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Eight South African ‘Blue Helmets’ Detained Over Sexual Abuse Allegations in the Congo

Following a United Nations (UN) press release on Wednesday, it has been revealed that eight South African peacekeepers working under the UN’s MONUSCO mandate in the eastern region of the Democratic Republic of the Congo (DRC) have been suspended from duty after “fraternizing, after curfew hours, at an out-of-bounds bar known to be a place where transactional sex occurs.” 

The press release continued, “The United Nations Organization Stabilization Mission in the Democratic Republic of the Congo (MONUSCO) has taken immediate and robust action in response to reports of serious misconduct by UN peacekeepers. 

Those reports follow a series of measures that the Mission has proactively initiated across its areas of deployment to ensure compliance with United Nations values and standards of conduct. The Office of Internal Oversight Services has been seized of the matter and precautionary measures have already been initiated in line with the Secretary-General’s zero-tolerance policy for sexual exploitation and abuse and other forms of misconduct. 

These initial measures include suspension from duty, detention, and confinement to quarters of concerned peacekeepers pending receipt of additional information on the allegations, including through the conduct of a full-fledged investigation. The Mission strongly condemns such behaviours that are unbefitting of United Nations personnel. MONUSCO is committed to ensuring that all personnel comply with the highest standards of conduct and will continue its efforts on prevention and to support the rights and dignity of the victims.” 

Despite the UN’s pledges, the organization only has the power to relieve the peacekeepers of their duty and investigate the alleged crimes, but they cannot follow through with a formal prosecution. 

A Failed Operation:

The UN’s operations in the DRC began in 1999 after the signing of the Lusaka ceasefire agreements, which formally ended the second Brazzaville-Congolese civil war and created the first mission MONUC. Following the signing of UN Security Council Resolution 1925 in 2010, the Mission was rebranded as MONUSCO. The mission’s objective has remained the same, focusing on maintaining stability and societal cohesion in the east, where rebels continue to fight over land and resources.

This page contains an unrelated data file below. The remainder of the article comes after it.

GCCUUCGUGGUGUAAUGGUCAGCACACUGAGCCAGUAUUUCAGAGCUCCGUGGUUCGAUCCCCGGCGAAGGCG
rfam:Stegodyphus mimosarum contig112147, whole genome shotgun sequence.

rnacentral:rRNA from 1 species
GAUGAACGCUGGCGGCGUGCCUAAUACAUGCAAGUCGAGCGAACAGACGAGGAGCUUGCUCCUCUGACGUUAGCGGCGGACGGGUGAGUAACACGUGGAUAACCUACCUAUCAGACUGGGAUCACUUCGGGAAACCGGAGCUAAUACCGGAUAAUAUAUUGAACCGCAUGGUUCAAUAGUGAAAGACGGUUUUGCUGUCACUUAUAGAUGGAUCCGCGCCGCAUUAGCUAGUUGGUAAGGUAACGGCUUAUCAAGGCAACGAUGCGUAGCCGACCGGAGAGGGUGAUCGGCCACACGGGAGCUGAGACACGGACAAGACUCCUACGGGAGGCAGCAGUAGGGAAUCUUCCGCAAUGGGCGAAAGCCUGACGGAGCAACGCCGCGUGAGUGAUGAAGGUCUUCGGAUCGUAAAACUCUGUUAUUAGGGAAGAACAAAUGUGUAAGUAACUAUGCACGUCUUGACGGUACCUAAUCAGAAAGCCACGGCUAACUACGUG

The mission has been plagued with scandal, with protests erupting against the peacekeepers in late July in the Congolese cities of Goma, Beni and Butembo. At the end of the eight days of unrest, 56 civilians had been killed as well as two Moroccan peacekeepers.

Furthermore, the DRC is not the only country in which UN peacekeepers have been accused of ‘sexual exploitation and abuse’ by Human Rights Watch, with allegations of rapes by blue helmets common in Haiti, Somalia and the Central African Republic.MONUS

While Speaking in September at the UN’s 78th General Assembly, Congolese President Felix Tshisekedi requested the hastening of the withdrawal of the MONUSCO mission from his country. Tshisekedi declared, “it is to be deplored that peacekeeping missions deployed for 25 years … have failed to cope with the rebellions and armed conflicts, This is why I instructed the government of the republic to begin discussions with the UN authorities for an accelerated withdrawal of MONUSCO … by bringing forward the start of this progressive withdrawal from December 2024 to December 2023.”

Source : Atlas News